Emma is already not looking forward to this summer. Her parents are divorced and her mother has insisted that she get to see her this summer. After moving away with her dad, to get a fresh start and focus on improving her mental health, Emma doesn’t want to go back. No matter how hard she tries she finds herself back, but her mom has other plans. Instead of staying home she learns a cruise is happening, but she isn’t invited. Her mom and a surprise new husband are going on their honeymoon and Emma is headed to a place she wants to go to even less than her mom’s house, Camp Mapplewood.
Night Owls and Summer Skies showcases Emma and her anxieties. We learn very early on that she has struggled with getting herself to a point where she feels comfortable again after experiencing a very hard period of time. Her father cares deeply about her and worked with her to help her gain her footing again and having to go back to camp is an anxiety filled nightmare. She used to go to Camp Mapplewood, but the last year she was there she found herself stranded in a tree right near a wasp nest. With this as an enduring memory as soon as she is forced to go back her plan is to get kicked out. The only thing stopping her is her counselor Vivian, who refuses to report any of her infractions. The two tease and pester each other initially, but as the summer continues they begin to share secrets and grow a relationship. Emma is gay and out and so is Vivian, which means this isn’t a teen coming out story, but rather a teen romance. Not only do we have our primary couple, but a mean girl type camper also reveals her antagonizing Emma is rooted in a secret crush.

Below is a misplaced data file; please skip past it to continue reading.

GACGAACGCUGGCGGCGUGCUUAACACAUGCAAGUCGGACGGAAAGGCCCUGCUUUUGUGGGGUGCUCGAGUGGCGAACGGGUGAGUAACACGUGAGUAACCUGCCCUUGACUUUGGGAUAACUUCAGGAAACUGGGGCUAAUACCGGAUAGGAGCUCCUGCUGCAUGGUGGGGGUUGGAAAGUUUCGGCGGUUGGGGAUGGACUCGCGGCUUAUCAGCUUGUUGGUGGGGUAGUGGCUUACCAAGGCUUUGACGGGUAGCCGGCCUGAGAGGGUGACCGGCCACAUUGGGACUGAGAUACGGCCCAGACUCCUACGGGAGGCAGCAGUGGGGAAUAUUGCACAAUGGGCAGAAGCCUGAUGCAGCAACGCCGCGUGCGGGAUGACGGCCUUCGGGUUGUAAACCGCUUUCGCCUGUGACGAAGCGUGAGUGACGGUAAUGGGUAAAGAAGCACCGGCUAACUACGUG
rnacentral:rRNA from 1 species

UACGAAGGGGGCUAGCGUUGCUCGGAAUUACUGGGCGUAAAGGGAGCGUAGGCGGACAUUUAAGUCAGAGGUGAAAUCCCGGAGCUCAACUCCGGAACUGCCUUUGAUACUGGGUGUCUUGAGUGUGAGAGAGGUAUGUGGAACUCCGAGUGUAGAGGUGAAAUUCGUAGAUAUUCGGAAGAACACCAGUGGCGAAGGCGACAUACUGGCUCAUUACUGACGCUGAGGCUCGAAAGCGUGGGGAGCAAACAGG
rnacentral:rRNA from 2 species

This is honestly the perfect summer read. Rebecca Sullivan has created a story that will transport you to camp and leave you hoping you can go back every year. Her main character Emma is nuanced in that she is open about her mental health issues and through her new relationships at camp, platonic and romantic, she is able to find a way to further examine what has caused her to feel so distanced from others. The fact that the romance in this book is so easy and doesn’t focus on a coming out or someone trying to come to terms with their feelings is also a breath of fresh air. The female characters that we learn are interested in other girls don’t have to make a big deal of their feelings or explain them, they just can be interested in other girls with no one making a fuss about it. I really enjoyed this book and would highly recommend it. It is a Young Adult read that is mature in covering topics of mental health, while also giving you some light and breezy summer fun. You can pre-order your copy of Night Owls and Summer Skies today, the book releases on June 30th.